Having Trouble Finding The Length Of A Parametric Curve

Hey everyone. I've been trying to find the length of this parametric curve, but haven't had much luck.

$\displaystyle x=cos{t}$

$\displaystyle y=t+sin{t}$

$\displaystyle 0\leq t \leq \pi$

After finding $\displaystyle \frac{dy}{dt}$ and $\displaystyle \frac{dx}{dt}$ and substituting them into the formula for curve length, I got:

$\displaystyle \int^\pi_0 \sqrt{2+2cost}\ dt$

After this, I tried u-substitution, but couldn't figure out how to eliminate the resultant $\displaystyle t$:

$\displaystyle u = 2+2cost $

$\displaystyle du = -2sint\ dt$

$\displaystyle dt = \frac{du}{-2sint} $

I consulted Wolfram Alpha as a last result, but couldn't figure out how they got the $\displaystyle \int \frac{1}{\sqrt{4-u}}\ du$

Help would be greatly appreciated!

Re: Having Trouble Finding The Length Of A Parametric Curve

Multiply top and bottom by the conjugate.

Re: Having Trouble Finding The Length Of A Parametric Curve

Hello, Algebrah!

Quote:

I've been trying to find the length of this parametric curve.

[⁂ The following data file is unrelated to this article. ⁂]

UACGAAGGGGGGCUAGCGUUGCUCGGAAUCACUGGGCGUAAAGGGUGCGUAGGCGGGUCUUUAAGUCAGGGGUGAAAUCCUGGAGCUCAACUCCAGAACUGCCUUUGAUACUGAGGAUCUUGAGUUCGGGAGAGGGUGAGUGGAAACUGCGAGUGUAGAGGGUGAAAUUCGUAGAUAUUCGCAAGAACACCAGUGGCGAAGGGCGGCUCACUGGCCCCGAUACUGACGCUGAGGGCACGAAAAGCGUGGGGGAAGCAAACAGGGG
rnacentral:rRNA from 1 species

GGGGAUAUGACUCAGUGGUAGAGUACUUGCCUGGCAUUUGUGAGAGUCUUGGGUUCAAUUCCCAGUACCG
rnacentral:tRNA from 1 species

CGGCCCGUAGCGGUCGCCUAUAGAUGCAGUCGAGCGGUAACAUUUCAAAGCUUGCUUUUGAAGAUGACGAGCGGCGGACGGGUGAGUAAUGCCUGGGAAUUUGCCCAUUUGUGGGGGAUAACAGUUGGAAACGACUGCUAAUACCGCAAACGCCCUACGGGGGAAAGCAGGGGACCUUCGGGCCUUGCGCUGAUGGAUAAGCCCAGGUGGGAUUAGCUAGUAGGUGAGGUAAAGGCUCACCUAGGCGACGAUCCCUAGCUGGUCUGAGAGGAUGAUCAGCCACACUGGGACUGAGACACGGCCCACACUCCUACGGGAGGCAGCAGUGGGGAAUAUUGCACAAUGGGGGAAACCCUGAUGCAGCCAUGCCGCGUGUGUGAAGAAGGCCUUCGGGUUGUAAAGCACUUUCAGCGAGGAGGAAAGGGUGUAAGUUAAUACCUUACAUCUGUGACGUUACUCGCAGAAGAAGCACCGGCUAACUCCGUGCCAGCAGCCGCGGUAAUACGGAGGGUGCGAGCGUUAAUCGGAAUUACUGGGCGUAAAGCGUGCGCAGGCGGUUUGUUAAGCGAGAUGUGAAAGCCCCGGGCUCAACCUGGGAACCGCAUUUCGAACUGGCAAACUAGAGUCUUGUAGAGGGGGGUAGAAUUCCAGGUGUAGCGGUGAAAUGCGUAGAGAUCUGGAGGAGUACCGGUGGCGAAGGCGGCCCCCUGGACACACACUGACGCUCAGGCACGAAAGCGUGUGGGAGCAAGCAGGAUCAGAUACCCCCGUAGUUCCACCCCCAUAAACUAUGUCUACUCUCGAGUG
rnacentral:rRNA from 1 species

. . $\displaystyle \begin{Bmatrix}x \:=\:\cos t \\ y\:=\:t+\sin t \end{Bmatrix} \quad 0\:\leq\:t\:\leq\:\pi $

After finding $\displaystyle \tfrac{dy}{dt}$ and $\displaystyle \tfrac{dx}{dt}$ and substituting, I got:

. . $\displaystyle L \;=\;\int^b_a\sqrt{\left(\tfrac{dx}{dt}\right)^2 + \left(\tfrac{dy}{dt}\right)^2}\,dt \;=\; \int^\pi_0 \sqrt{2+2\cos t}\ dt$ . . Good!

We have: .$\displaystyle \sqrt{2(1+\cos t)} \;=\; \sqrt{4\cdot \tfrac{1\:+\:\cos t}{2}} \;=\;\sqrt{4\cos^2\tfrac{t}{2}} \;=\;2\cos\tfrac{t}{2} $

Re: Having Trouble Finding The Length Of A Parametric Curve

Quote:

Originally Posted by

**Soroban** Hello, Algebrah!

We have: .$\displaystyle \sqrt{2(1+\cos t)} \;=\; \sqrt{4\cdot \tfrac{1\:+\:\cos t}{2}} \;=\;\sqrt{4\cos^2\tfrac{t}{2}} \;=\;2\cos\tfrac{t}{2} $

This is beautiful, but the OP wanted to know how Wolfram got the particular substitution they did. I expect it was by multiplying top and bottom by a particular conjugate, but when I do I get this...

$\displaystyle \displaystyle \begin{align*} \int_0^{\pi}{\sqrt{2 + 2\cos{t}}\,dt} &= \int_0^{\pi}{\frac{\sqrt{2 + 2\cos{t}}\,\sqrt{2 - 2\cos{t}}}{\sqrt{2 - 2\cos{t}}}\,dt} \\ &= \int_0^{\pi}{\frac{\sqrt{4 - 4\cos^2{t}}}{\sqrt{2 - 2\cos{t}}}\,dt} \\ &= \int_0^{\pi}{\frac{2\sin{t}}{\sqrt{2 - 2\cos{t}}}\,dt} \end{align*}$

And now the substitution $\displaystyle \displaystyle \begin{align*} u = 2 - 2\cos{t} \implies du = 2\sin{t}\,dt \end{align*}$ is appropriate.

Re: Having Trouble Finding The Length Of A Parametric Curve

Sorry, I turned off my computer last night and then proceeded to solve the problem using the conjugate method.

I also really appreciate Soroban's method, which is a nice use of the power-reducing formula.

Thanks a lot for the help!